Author: Garrett Leigh
Publisher: Dreamspinner Press
Pages/Word Count: 204 Pages
Rating: 5 Stars
Blurb: Cornish pastry chef Seb Wright dreads the summer tourist season. The cash injection to his artisan fudge pantry is more than welcome, the extra work, less so. Then one summer, a shadowy Good Samaritan catches his eye. Irish Traveller Dex is bewitching, a beautiful sullen enigma who turns Seb’s world upside down until he disappears in the night, vanishing like a mystical summer rain.
Twelve months later Dex is in the midst of a dark storm. A slave to his master, ‘Uncle’ Braden, he spends his days cleaning caravans and his nights working in Braden’s other businesses. His short summer with Seb seems a lifetime ago. Lost in the savage violence of the murky underworld, he doesn’t dare dream he’ll ever find his way back, until one night, a brutal crime opens the door for a chance escape. A new life beckons, old faces emerge, and immersed in the heady vibe of London’s East End, new love begins to heal his fractured heart.
Review: Restraint. It is a brilliant word when used by an author, and Garrett Leigh more than understands employing it when writing her gut wrenching novels. Heart is the epitome of restraint. Because of that, subtle nuances about both main characters that normally might have be lost to harsher descriptions of Dex’s life were saved, and added such depth and texture to an already impressive novel.
Dex is owned, used, abused and starved. A second-class citizen by virtue of birth, this gypsy nomad is handed off at a young age to his “Uncle” Braden, sold to be his and any other man’s whore and lackey. Pieces of Dex’s soul understandably shut down in order to survive and when he stumbles upon Seb one night, those parts—those dreams within him—fan into flame and he experiences their sweetness. It is almost his undoing. For you see, Dex knows in his heart he can never be worthy of any kind of nice life, for he is nothing better than a whore to be used and tossed aside. A thing to be abused, and he waits on death like a man who is years older.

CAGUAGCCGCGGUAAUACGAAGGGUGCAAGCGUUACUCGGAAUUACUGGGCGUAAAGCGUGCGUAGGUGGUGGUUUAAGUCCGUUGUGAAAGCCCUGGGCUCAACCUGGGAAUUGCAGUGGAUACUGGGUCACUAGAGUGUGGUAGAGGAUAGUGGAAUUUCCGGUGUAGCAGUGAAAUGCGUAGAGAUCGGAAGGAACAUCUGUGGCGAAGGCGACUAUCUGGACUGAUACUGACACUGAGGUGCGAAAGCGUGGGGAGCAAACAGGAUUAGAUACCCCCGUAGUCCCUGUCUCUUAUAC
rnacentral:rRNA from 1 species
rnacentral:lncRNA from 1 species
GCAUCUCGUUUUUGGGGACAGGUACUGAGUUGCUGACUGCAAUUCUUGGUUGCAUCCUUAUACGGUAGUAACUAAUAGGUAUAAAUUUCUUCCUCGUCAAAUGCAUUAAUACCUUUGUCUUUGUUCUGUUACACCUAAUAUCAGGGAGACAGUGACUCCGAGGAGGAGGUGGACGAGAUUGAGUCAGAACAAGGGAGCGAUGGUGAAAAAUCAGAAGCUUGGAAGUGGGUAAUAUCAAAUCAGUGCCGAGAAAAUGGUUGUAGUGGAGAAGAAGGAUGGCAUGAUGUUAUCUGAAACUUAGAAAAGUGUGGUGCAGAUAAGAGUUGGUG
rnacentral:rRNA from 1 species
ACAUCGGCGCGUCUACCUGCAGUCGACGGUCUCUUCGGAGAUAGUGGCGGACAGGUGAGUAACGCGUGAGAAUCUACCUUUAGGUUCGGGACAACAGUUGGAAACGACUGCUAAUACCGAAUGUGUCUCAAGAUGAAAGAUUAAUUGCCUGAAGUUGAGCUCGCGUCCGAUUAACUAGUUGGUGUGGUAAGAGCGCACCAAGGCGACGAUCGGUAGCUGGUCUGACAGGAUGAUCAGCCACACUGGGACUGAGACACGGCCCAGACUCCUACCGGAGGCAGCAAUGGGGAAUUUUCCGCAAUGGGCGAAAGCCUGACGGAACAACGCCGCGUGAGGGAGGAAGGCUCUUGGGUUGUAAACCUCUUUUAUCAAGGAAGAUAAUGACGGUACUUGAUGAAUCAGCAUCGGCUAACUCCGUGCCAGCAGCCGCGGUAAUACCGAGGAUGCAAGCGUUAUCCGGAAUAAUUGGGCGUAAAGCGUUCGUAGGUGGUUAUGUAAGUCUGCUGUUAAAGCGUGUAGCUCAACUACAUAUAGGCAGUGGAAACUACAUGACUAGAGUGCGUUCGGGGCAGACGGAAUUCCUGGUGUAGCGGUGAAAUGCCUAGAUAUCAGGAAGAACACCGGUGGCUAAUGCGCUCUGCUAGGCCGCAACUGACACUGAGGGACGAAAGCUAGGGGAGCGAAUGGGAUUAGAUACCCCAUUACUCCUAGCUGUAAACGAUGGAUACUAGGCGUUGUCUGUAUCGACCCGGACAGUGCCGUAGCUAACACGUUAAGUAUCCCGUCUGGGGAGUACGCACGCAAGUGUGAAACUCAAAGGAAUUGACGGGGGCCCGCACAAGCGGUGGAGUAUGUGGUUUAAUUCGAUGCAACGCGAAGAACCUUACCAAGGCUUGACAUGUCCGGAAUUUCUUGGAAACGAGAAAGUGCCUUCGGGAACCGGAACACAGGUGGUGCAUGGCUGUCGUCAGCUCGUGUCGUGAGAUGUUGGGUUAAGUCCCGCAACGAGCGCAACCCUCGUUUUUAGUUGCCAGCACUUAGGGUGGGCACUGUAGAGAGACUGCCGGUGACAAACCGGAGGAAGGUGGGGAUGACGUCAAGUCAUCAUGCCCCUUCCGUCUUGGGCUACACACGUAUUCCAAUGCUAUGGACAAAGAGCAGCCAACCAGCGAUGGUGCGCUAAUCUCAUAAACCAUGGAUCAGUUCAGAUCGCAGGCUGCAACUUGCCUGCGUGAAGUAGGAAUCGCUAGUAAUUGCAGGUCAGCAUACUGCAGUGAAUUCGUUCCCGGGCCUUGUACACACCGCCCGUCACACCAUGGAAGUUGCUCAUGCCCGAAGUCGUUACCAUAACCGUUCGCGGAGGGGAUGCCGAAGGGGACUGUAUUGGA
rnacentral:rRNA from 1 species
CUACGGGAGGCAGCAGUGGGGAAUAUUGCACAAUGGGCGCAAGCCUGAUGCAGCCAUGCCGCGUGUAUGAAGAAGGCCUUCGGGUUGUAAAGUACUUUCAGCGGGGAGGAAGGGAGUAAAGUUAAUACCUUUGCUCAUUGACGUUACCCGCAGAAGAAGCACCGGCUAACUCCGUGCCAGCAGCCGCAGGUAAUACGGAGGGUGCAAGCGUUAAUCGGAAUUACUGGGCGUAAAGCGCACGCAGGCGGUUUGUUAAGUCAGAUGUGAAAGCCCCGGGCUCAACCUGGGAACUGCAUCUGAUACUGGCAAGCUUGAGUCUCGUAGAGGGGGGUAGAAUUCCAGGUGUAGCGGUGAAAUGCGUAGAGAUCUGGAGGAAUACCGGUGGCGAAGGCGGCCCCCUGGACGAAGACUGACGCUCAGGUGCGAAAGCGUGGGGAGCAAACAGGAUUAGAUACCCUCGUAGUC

If there is one thing that Dex has attached himself to, it is the old nags that are kept by Braden. Half starved, much like himself, one of Dex’s many jobs is keeping the stables clean and so he cares for the creatures and gives them the love he is afraid to share with anyone else. When a series of events, including witnessing a murder, throws Dex into chaos, he runs, leaving behind his horses and his life. But he is always on borrowed time, and no one knows that better than he. Circumstances bring Seb back into Dex’s life and love blossoms, but Braden is still out there, and Dex is still his whore, his property. How can he possibly think of a life with Seb when the man has no idea about Dex’s past, or the fact that his future is limited?
When an author is able to put just the hint of a sordid abusive life on page and deal more thoroughly with the aftermath and how it affects the character, the story becomes incredibly rich and full. Dex was fascinating not because of his abuse but because he survived it. His survival was the focus, his introduction into a world that he felt would never be his, which he could never deserve. He was so heavily flawed and in need, and it took more than Seb to save him. This was the real genius of Garrett Leigh’s story, and it was in the final chapters, where she changes the point of view and we see Dex not through his internal filter but through that of Seb’s, that her strength as a writer was made clear. We got the full brunt of both men’s frustrations and fears and needs, and it made this story so very real and just that much better!
Heart by Garrett Leigh is an incredible novel, full of pathos and tension, and sweet tenderness and healing. The story never pandered to the idea that a person can easily or swiftly recover from a life of abuse, but it pointed the way to the idea that with love and much patience, therapy and education, even the most wounded can live free.
You can buy Heart here: